What is this life if, full of care,
We have no time to stand and stare.
— from “Leisure”, by W. H. Davies
Yesterday, I received one of those forwarded emails purportedly about an “experiement in context, perception and priorities” carried out by The Washington Post on January 12, 2007 involving the renowned violinist Joshua Bell.
The amazing tale in the email turned out to be true.
IF A GREAT MUSICIAN PLAYS GREAT MUSIC BUT NO ONE HEARS . . . WAS HE REALLY ANY GOOD?
It’s an old epistemological debate, older, actually, than the koan about the tree in the forest. Plato weighed in on it, and philosophers for two millennia afterward: What is beauty? Is it a measurable fact (Gottfried Leibniz), or merely an opinion (David Hume), or is it a little of each, colored by the immediate state of mind of the observer (Immanuel Kant)?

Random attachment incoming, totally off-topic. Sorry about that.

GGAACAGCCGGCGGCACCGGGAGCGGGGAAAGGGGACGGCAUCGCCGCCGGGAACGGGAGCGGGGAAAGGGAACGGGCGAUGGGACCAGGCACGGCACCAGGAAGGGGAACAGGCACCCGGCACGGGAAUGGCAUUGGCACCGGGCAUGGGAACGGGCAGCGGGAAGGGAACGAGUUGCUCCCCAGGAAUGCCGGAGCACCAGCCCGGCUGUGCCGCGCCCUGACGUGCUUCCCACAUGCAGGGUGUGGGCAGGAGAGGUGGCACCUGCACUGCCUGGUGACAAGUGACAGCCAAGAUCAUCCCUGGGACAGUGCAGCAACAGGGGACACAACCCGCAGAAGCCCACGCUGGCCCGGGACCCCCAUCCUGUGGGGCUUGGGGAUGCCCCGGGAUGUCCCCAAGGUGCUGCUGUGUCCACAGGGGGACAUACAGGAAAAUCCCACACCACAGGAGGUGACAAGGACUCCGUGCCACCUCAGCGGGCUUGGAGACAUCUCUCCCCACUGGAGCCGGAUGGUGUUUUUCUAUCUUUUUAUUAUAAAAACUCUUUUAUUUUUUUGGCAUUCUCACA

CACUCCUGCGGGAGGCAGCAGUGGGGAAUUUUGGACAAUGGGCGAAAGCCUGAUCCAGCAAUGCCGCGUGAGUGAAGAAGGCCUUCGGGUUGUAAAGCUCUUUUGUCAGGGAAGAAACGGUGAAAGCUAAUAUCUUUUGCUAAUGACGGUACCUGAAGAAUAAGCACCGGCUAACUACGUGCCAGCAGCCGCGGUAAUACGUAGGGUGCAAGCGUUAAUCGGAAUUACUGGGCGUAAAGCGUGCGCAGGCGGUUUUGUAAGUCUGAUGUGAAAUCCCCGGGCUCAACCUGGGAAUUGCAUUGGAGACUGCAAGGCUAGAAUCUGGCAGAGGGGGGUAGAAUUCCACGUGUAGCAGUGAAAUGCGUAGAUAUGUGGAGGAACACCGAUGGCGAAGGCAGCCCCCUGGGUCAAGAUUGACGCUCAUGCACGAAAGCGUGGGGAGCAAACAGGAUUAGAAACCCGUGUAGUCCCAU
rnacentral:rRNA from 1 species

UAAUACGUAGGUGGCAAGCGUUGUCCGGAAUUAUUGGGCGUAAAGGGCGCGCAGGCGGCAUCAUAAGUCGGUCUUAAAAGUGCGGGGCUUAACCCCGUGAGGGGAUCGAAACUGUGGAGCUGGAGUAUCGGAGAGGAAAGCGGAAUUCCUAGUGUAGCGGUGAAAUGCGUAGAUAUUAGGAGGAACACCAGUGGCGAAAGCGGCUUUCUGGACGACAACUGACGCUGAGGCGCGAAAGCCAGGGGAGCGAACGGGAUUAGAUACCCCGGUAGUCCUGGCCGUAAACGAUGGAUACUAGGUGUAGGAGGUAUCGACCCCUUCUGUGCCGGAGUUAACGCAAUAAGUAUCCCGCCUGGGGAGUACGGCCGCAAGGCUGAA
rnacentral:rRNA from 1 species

While I find the WP account of the experiment interesting and I think we should pause to admire beauty around us, I disagree with its conclusion which is based on the premise that there is such a thing as universally beautiful music. Call me crass if you like, but I honestly don’t like the selected classical pieces.